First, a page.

Bestseller – The New York Times
Starred Review – Publishers Weekly
Shortlist – PEN/E.O. Wilson Literary Science Writing Award
A Best Book Selection – Entertainment Weekly
A Best Science Book of the Year Selection – Amazon.com
Sam Kean has started to make a habit of taking scientific subjects that inhabit the outskirts of the popular imagination and reintroducing them with healthy doses of history and humanity....Anyone reading this fine book could be excused for jolting upright...with wide-eyed amazement.
– Jesse Singal, Boston Globe
As he did in his debut bestseller, The Disappearing Spoon, Sam Kean educates readers about a facet of science with wonderfully witty prose and enthralling anecdotes....Kean's thoughtful, humorous book is a joy to read.
– Publishers Weekly
[Kean] writes with a humor and humanity that make him poised to become the next Brian Greene, maybe, or Oliver Sacks-explaining small corners of the universe one case study at a time."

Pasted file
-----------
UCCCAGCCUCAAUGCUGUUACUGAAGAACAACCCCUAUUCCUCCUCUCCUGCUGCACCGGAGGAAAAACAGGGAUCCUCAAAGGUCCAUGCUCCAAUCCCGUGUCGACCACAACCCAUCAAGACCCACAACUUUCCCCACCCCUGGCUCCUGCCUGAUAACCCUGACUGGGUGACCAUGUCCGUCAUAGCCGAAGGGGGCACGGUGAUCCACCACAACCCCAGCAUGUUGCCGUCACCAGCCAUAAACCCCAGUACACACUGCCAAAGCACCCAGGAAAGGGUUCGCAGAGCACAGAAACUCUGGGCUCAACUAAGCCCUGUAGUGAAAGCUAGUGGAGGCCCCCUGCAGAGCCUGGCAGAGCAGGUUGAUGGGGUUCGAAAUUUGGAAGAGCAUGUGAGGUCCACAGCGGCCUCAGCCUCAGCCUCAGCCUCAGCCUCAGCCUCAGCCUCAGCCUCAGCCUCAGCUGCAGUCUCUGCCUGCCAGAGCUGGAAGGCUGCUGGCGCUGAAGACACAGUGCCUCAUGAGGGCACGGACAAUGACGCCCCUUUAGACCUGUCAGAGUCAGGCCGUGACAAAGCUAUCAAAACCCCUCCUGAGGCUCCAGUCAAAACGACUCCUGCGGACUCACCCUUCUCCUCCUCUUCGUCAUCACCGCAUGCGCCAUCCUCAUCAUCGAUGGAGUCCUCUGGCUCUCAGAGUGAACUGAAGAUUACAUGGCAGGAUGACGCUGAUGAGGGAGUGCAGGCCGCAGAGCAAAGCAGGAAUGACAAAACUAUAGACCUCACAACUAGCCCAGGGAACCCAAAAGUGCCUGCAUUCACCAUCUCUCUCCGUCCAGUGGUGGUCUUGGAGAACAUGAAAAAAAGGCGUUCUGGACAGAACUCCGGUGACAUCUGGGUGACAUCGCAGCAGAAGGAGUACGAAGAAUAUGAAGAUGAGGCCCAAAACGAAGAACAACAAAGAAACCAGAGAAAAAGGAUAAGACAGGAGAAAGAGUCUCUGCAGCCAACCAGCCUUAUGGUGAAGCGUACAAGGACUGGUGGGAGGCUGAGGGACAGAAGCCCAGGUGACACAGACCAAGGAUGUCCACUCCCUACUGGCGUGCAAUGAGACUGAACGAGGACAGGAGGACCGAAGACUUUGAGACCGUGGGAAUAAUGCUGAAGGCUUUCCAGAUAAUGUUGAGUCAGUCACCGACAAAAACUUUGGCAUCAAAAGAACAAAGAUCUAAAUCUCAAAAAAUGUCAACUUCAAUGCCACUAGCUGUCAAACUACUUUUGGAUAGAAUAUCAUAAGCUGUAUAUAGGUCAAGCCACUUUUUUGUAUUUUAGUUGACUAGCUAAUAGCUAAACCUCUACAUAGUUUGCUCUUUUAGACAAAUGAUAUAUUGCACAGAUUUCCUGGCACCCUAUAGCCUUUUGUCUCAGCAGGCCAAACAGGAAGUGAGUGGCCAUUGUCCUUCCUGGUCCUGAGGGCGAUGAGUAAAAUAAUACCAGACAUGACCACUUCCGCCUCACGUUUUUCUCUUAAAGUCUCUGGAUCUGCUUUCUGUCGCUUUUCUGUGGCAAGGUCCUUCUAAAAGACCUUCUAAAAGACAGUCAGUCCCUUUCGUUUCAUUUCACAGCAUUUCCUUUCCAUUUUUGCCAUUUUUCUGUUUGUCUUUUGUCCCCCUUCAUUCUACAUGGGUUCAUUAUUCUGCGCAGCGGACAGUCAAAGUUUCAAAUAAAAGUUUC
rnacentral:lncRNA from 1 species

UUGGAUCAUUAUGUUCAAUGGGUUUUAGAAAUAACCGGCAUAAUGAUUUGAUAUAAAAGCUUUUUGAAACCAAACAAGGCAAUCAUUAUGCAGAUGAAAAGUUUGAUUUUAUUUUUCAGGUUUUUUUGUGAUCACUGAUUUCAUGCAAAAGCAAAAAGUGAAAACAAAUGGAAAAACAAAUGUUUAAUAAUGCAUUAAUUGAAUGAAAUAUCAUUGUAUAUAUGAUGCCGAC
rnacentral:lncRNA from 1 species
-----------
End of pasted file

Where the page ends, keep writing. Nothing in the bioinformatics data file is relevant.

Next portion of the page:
– Monica Hesse, Washington Post
Kean is one of America's smartest and most charming science writers, and his new book could be perfect for summer readers who prefer some substance with their fun.
– Michael Schaub, National Public Radio
A lively read packed with unforgettable details.
– Sarah Zhang, Discover
[T]he best science teacher you never had. Kean's accessible genetic overview, written for the layman, is often as simple and elegant as a double helix.
– Keith Staskiewicz, Entertainment Weekly
From New York Times bestselling author Sam Kean comes incredible stories of science, history, language, and music, as told by our own DNA.
In The Disappearing Spoon, bestselling author Sam Kean unlocked the mysteries of the periodic table. In The Violinist’s Thumb he explores the wonders of the magical building block of life: DNA.
There are genes to explain crazy cat ladies, why other people have no fingerprints, and why some people survive nuclear bombs. Genes illuminate everything from JFK’s bronze skin (it wasn’t a tan) to Einstein’s genius. They prove that Neanderthals and humans bred thousands of years more recently than any of us would feel comfortable thinking. They can even allow some people, because of the exceptional flexibility of their thumbs and fingers, to become truly singular violinists.
Kean’s vibrant storytelling once again makes science entertaining, explaining human history and whimsy while showing how DNA will influence our species’ future.
Sam Kean is a writer based in Washington, D.C. His work has appeared in The New York Times Magazine, Mental Floss, Slate, The Believer, Air & Space, Science, and The New Scientist.
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